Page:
Your friend rushes to your table and apologizes for being late to your monthly lunch date. “I’m so sorry,” she says. “I just got back from Max’s private cello lesson. He’s headed to nationals next week.”
“Oh, wow. I didn’t even know he played cello,” you reply. “Isn’t soccer more his thing?”
Your friend nods and laughs in response to your question.
“Yeah, that’s his thing too. And football. Well, and I guess robotics.” Then she pauses to reflect.
“I guess it’s kind of funny to say aloud, but it’s almost like whatever he tries, he excels at. Sort of like, everything is kind of his thing.”
You slide back in your chair with a smile on your face as she order her drink, but you can’t help but wonder how one kid can be so, so talented. Then your mind flashes to your seemingly ordinary kid who has quit the last three activities they have tried due to lack of talent or interest.
As the rest of your lunch continues, you begin to worry, “What happens if my child is never great at anything? I mean, when is my child going to find their thing?”
That thought lingers in your head for the rest of lunch and into your afternoon.
When is my child going to find their thing?
If we’re honest, I think it’s a question most parents have asked themselves at one time or another. I know I have. And if I’m even more honest, I’ve asked it about my children before they were even old enough to know what sports or a musical instrument was.
Yes, that’s right. I began pondering what their future talent would be before they were even old enough to know what talent was. Because we all assume that our child will be talented at something. And it’s our job to help them find it, right?
So the cycle begins.
We ask them to pick an activity they are interested in, and they do. We begin to see their interest growing, so we happily invest our time and money in the direction of this new hobby. As we begin to see them improving, we wonder if this is going to be the thing that lands them on the next season of America’s Got Talent, or at least the thing that gets them a full ride to the college of their dreams? Of course, we don’t realize we’ve had these thoughts until we hear our child telling us they’re no longer interested in playing piano. And then we’re crushed.
So we move on to the next activity, and the cycle begins again. Except this time we find that they really do love karate, but it just so happens that they have absolutely no natural talent for it. So we invest our time and energy to watch other kids around our child excel while our kid falls over every time they try to do a front kick. But they’re happy. So we continue.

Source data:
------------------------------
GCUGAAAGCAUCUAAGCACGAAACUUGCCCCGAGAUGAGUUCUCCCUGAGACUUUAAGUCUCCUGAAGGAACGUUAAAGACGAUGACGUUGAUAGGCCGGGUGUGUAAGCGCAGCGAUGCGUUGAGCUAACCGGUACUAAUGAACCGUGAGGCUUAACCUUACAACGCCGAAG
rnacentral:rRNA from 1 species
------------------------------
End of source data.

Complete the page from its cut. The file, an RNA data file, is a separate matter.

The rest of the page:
But while we know it really shouldn’t matter if they are good, we can’t help but feel both external and internal pressure that they need to find something they excel at. I mean, “Is being happy enough?” We know the answer should be yes, but this worry isn’t diminished when we see other children rising to the supercharged expectations that come with kids’ extracurricular activities nowadays.
I mean, let’s be honest: Swimming by age 5 no longer stands out; it’s getting a child to know breaststroke, backstroke, and butterfly too. Competitive cheerleading is not about a cartwheel or simple cheer routine; it’s about standing back tucks and tumbling before you even know how to read. And music, it’s no longer enough to learn piano and perform a song, but are you dynamic enough to have your own YouTube channel with 100,000 followers by the age of 10?
Okay, yes. I may be exaggerating slightly. But sadly, some of these realities are not as farfetched as I would like to believe. And the worst part about this is, when we see the rare kids who are able to rise to this level of ability, we begin to question what is keeping our poor child from doing so also. And then of course, we begin to doubt ourselves as parents too.
But here’s what we have to remember when we find ourselves wondering, “Is my kid just ordinary at everything?”
Most of us are ordinary. And that’s an extraordinary thing.
Most of us reading this were not the “United States Chess Champion of 1996.” Or the “Little Miss Cello Prodigy of Bonner Springs Music Festival.” Or the recipient of a full ride to play football at Alabama in 2000. Or offered the “Computer Programming Genius Award” from Computers of America in blah, blah, blah.
And for those of us who were, most of the time no one can tell the difference in us now. I didn’t know my neighbor got drafted to the minor leagues until I saw him playing baseball with my son. Nor do I know if one of my other friends who is the owner of a mega-successful startup company was the outcast nerd at school who wasn’t good at anything until she blossomed in college.
Personally, I don’t recollect being a superstar at anything when I was young; instead I remember being mildly good at a few things. I guess you could call me ordinary. Because I was the girl who bounced from Girl Scouts to gymnastics to piano to dance to softball to tennis to track to student council — and my childhood did not leave me feeling unfulfilled or lacking.
Instead, I have the best memories of a childhood that lacked undue pressure and was full of happiness and play, not playing piano every day to be a musical prodigy or playing softball incessantly, so I would be a superstar athlete. No, I just remember playing for fun.
And I am grateful my parents let me do so. (And seriously, I am forever grateful my parents let me quit piano because I was terrible.) And I don’t think not being good at those things has held me back from being successful in my life now.
So I guess I write all of this to ask you:
What happens if your kid isn’t good at anything?
What if your worries are true and they are JUST average or ordinary at many different things?
I guess my answer for you would be the same as it is for me.
Good for them. And good for you.
Because extraordinary moments are found in the most ordinary of people.